Jarvis explains that the Spaceship Media Project brings together communities in conflict with journalists on Facebook. Foer agrees that media has gotten worse in the age of social media.

Q/A: Affecting Voter Participation (02:38)

McNamee explains that Facebook implemented voter suppression measures. Four million people voted for President Barack Obama in 2012 who did not vote in 2016. Jarvis describes how a grass roots campaign raised $15 million on Facebook to bail out immigrant families and give them legal representation.

Q/A: Dangerous or Benign Tool (05:43)

Parker explains that social media can be used for both good and bad purposes. McNamee describes how Google chooses the 20 stories that help their business model the most; the UN says that the ethnic cleansing in Myanmar was aided by Facebook.

Concluding Statement For: Parker (02:21)

Parker describes how she tried to create a platform for civil, thoughtful debate. Social media reflects users' desires for sensation, viral content with soundbites. The opposition portrays users as passive victims.

Concluding Statement Against: McNamee (02:15)

McNamee describes how social media undermines the four pillars of democracy. Social media utilizes pervasive surveillance and manipulation to hinder individuals participating as citizens.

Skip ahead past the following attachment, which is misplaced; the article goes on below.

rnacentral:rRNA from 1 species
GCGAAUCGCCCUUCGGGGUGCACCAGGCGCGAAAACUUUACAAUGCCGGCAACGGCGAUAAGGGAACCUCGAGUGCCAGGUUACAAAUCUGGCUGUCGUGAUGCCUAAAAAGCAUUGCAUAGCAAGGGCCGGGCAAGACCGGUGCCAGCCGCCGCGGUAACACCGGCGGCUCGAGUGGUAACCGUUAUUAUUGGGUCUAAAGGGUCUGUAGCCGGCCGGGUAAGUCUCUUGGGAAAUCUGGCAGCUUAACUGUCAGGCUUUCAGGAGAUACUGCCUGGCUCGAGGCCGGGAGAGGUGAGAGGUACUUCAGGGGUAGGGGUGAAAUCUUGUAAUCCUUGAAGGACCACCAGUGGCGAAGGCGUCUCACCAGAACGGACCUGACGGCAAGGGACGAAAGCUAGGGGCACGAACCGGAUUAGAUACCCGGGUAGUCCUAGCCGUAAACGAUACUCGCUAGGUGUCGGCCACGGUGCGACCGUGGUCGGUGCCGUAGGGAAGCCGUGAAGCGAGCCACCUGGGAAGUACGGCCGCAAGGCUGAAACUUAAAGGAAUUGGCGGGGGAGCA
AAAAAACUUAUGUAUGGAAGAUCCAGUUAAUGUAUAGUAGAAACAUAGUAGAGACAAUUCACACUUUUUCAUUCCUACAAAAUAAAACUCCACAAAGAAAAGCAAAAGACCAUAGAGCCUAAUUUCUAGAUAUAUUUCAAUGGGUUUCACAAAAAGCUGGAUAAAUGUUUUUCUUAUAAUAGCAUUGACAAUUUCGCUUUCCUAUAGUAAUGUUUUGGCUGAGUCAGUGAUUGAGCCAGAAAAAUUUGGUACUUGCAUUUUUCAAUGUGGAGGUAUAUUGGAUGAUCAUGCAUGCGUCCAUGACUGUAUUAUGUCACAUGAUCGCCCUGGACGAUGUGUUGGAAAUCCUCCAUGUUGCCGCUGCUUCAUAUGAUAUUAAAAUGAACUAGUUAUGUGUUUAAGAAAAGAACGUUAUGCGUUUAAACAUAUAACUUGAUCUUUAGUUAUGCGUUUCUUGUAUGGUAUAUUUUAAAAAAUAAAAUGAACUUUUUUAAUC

Concluding Statement For: Jarvis (02:07)

Jarvis describes how Facebook is hiring 20,000 people to get rid of junk on its platform. There are many reasons for fear but they are not the fault of social media.

Concluding Statement Against: Foer (02:24)

There are 25 less democracies in the world since the advent of Facebook. Ronald Inglehart believes that democracy has not been in more precarious shape since the 1930s.

Time to Vote (04:47)

Donvan compliments panelists on their conduct and instructs the audience to vote. The debaters discuss what voters should consider when using social media.

Audience Vote Results (01:05)

Pre-Debate - For: 36% - Against: 46% - Undecided: 18% Post-Debate - For: 34% - Against: 63% - Undecided: 3%

Credits: Social Media Is Good for Democracy: A Debate (00:09)

Credits: Social Media Is Good for Democracy: A Debate

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Social Media Is Good for Democracy: A Debate


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Description

Social media has transformed the world in the 21st century. By connecting people across the planet, proponents argue, platforms such as Facebook and Twitter have helped lead a digital revolution, providing tools that foster global friendships, break down long-standing barriers that kept people and ideas from being heard, and given citizens everywhere access to a broad spectrum of news and information. Social media may be free, critics argue, but it comes with a cost, including a rise in political propaganda, fake stories, and threats to personal privacy. Rather than uniting and informing people, they charge, social media deepens political and social divisions and erodes trust in the democratic process. Is social media good for democracy?

Length: 81 minutes

Item#: EDP165891

ISBN: 978-1-64481-284-6

Copyright date: ©2018

Performance Rights

Prices include public performance rights.

Not available to Home Video customers.